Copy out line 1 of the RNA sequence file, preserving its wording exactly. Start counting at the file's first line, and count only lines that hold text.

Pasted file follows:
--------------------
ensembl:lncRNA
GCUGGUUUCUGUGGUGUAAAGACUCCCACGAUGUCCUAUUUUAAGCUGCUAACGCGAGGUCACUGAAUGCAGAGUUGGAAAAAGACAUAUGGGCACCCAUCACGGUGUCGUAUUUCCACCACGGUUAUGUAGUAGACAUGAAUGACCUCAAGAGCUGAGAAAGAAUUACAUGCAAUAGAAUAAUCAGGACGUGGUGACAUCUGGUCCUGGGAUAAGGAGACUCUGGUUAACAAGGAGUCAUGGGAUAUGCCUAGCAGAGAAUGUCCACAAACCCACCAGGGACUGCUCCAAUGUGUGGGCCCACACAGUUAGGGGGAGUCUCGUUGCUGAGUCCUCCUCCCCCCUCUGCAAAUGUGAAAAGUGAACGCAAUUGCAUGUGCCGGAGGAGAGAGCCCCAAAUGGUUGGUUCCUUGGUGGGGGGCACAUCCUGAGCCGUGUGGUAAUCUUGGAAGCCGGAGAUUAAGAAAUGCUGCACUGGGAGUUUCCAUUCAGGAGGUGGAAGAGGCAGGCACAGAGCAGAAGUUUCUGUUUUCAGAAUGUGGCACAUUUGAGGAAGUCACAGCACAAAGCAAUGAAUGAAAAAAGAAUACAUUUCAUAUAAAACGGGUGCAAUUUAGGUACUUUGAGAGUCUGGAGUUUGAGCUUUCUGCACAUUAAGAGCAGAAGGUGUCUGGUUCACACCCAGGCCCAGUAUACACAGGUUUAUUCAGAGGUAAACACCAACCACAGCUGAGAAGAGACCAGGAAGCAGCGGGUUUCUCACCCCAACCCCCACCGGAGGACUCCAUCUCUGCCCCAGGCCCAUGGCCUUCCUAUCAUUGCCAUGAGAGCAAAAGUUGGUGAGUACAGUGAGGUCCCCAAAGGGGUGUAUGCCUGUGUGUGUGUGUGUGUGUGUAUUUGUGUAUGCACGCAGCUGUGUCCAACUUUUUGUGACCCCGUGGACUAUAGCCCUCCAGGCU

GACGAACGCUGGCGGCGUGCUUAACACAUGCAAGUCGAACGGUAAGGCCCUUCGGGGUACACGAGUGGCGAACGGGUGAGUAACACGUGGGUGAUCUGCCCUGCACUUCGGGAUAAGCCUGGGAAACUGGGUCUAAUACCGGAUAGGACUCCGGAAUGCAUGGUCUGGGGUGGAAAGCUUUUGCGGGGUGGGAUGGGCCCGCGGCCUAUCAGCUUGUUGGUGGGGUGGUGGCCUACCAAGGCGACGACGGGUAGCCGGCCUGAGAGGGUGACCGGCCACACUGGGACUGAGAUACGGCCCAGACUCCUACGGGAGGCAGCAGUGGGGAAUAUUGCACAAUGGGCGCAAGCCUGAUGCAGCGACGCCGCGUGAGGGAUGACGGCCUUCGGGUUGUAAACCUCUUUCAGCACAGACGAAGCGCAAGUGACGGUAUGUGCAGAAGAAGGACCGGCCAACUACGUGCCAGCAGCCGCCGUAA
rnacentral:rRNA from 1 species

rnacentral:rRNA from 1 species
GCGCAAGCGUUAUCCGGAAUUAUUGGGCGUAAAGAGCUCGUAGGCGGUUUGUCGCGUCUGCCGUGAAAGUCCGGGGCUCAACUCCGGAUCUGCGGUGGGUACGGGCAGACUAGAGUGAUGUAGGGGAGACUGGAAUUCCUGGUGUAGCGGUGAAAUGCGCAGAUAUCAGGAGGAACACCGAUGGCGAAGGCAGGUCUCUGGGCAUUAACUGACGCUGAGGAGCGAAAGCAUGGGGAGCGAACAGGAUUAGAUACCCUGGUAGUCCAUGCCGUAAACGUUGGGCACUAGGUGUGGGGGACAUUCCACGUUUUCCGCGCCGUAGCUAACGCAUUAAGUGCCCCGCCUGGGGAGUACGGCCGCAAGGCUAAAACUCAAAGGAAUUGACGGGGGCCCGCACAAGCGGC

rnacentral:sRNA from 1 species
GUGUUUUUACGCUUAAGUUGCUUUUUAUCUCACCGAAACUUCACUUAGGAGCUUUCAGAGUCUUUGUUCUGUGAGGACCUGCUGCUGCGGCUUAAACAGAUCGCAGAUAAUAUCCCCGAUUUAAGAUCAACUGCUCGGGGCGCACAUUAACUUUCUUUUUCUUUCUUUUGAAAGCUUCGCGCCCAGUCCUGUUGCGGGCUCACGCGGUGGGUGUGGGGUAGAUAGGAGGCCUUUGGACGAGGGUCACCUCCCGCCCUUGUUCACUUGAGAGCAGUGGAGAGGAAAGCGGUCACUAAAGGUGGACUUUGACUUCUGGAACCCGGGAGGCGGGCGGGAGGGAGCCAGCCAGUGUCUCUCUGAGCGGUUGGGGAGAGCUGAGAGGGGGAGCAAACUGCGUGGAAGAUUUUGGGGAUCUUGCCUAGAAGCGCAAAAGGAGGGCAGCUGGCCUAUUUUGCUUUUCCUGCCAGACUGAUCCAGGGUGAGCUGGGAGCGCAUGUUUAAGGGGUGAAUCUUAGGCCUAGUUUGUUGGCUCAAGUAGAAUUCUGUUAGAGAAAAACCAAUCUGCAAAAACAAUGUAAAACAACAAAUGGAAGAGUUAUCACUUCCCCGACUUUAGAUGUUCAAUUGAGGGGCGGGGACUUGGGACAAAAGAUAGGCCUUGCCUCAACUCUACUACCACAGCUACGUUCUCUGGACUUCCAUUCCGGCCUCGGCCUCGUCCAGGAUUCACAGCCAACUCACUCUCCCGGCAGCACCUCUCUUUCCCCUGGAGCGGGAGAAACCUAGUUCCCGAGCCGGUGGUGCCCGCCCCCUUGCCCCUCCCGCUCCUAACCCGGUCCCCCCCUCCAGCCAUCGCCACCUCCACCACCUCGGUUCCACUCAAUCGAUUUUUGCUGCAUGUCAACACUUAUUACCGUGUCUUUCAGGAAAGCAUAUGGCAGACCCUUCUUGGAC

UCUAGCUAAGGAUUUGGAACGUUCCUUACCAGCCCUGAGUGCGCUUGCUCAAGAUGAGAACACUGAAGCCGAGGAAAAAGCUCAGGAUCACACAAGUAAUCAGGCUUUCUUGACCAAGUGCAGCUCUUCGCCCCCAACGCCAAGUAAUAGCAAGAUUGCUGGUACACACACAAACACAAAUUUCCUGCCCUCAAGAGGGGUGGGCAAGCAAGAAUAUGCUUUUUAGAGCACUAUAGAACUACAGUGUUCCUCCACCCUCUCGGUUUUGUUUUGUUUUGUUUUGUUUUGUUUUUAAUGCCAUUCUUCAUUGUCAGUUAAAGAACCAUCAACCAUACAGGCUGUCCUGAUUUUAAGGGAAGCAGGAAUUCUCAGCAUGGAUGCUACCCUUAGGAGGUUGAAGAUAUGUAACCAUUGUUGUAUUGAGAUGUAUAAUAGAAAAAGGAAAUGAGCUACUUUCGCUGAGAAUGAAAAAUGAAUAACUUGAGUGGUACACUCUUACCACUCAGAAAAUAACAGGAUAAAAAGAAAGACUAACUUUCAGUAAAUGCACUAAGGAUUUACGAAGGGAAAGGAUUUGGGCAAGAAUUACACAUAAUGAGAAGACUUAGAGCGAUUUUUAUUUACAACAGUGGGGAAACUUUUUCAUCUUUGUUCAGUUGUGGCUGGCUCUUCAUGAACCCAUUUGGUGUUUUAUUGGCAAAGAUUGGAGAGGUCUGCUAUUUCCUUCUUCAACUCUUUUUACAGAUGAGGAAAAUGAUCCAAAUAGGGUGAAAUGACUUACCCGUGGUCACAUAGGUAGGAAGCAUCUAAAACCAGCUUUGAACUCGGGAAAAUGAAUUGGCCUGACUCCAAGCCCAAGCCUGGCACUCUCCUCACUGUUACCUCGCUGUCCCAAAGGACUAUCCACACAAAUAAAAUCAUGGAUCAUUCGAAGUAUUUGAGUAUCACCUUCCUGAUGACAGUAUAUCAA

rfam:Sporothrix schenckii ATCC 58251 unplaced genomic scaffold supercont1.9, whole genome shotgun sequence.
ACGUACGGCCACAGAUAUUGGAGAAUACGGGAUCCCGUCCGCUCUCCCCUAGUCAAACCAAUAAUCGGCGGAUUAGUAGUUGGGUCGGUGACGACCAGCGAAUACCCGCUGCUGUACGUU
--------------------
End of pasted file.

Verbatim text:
ensembl:lncRNA